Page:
Dr. Hans Stricker, a urologist and chief of surgery at Henry Ford Hospital in West Bloomfield, says microscopic research is already well along in gene therapy for treating prostate cancer. At the core of that investigation is gene therapy — a super high-tech method of designing viruses that can be injected into a patient to attack rogue cells.

“When I lie awake at night and think about how I would want my own treatment to go in 20 years,” says Stricker, 47, “I see a guy who gets a cancer diagnosis, comes in, we inject him with the virus and he’s on his way. He has flulike symptoms for a couple of days and that’s it. The cancer is killed.”

Stricker says his scenario is not a mere dream. “Is it really possible? A couple of years ago, I would have said no,” he says. “But today, I can see a combination of radiation and gene therapy 10 years from now — and five years after that, gene therapy alone.”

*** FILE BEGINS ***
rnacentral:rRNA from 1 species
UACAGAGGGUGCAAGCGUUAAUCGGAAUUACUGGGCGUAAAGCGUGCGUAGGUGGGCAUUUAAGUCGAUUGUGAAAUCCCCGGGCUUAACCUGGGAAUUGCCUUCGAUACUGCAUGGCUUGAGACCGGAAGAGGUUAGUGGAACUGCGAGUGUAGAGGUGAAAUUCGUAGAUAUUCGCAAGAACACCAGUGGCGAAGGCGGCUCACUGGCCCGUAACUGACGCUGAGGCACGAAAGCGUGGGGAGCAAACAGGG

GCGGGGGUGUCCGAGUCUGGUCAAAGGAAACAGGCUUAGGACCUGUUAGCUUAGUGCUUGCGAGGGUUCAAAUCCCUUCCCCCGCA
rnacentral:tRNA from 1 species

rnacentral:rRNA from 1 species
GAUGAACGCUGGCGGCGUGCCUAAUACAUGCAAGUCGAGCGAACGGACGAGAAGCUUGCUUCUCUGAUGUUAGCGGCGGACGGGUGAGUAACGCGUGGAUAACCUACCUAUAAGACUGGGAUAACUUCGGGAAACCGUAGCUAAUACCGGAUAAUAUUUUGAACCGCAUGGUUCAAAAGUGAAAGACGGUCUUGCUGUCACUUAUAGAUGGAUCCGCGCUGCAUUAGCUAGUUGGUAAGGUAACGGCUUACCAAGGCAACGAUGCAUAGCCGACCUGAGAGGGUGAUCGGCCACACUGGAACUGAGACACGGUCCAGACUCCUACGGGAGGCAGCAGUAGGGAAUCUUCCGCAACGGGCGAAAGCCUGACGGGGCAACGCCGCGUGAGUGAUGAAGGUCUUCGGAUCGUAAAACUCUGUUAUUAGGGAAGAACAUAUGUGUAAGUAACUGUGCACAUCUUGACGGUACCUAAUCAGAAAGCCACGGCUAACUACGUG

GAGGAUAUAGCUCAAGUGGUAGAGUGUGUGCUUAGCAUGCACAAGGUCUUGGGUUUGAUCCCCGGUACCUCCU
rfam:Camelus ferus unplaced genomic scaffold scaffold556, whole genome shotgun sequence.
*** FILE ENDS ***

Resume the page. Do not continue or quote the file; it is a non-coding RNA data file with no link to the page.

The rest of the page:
The ideal of minimal invasiveness extends to general screenings, says Stricker. He sees a day when you can just have a body scan to check for health problems instead of submitting to a lot of annoying probes. “The real upside is that we’d have a lot more people signing up,” says Stricker. “The problem is cost. One of the key challenges will be to figure out how to do noninvasive screening that is inexpensive.”

Another goal of nanotechnology is the development of “intelligent biomaterials,” artificial tissue that can be inserted where damaged tissue needs to be restored. A prime application would be the repair of damaged organs.

The hurdle, and researchers acknowledge it’s a fairly high one, is a better understanding of how the body activates cells to begin natural repairs.